It is gunpowder on my tongue
Metal sharp twang and ache so deep,
I sometimes swear the bullet
lodged deep inside me too.
I don’t know how to carry the memory of a girl I knew as
terror and death, blood and bone and
She had a tattoo.
Someone held her, once,
kissed her baby toes, one by one,
and called her daughter.
I suppose they called her theirs too.
When feet came to running,
She wasn’t fast enough; I never tried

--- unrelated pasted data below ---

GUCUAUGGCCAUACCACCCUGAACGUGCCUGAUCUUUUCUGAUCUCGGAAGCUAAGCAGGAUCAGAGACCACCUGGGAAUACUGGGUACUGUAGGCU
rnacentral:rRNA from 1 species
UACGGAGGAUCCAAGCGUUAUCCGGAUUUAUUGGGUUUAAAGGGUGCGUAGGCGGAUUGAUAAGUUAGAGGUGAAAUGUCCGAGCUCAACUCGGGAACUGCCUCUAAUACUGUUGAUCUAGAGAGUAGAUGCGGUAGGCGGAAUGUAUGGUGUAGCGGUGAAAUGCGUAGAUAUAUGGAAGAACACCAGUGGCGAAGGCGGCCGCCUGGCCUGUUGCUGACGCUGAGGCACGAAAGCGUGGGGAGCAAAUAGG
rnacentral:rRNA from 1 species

I don’t know where they buried her
The lake, the river, the slough
Laid her body beneath the earth for the worms to turn
Missing daughters, lost girls—
We were so forgotten.
Sometimes I forget how lucky I was to be found again.
I remember long brown hair
and mismatched eyes and I wonder if
I had died instead what she would
remember of me.
By Aspen McCarry
Aspen McCarry (they/them) is a student at the University of Wisconsin-Oshkosh studying history and LGBTQ+ studies. When not writing, they can often be found drawing, making music, and trying to teach their cat a new trick.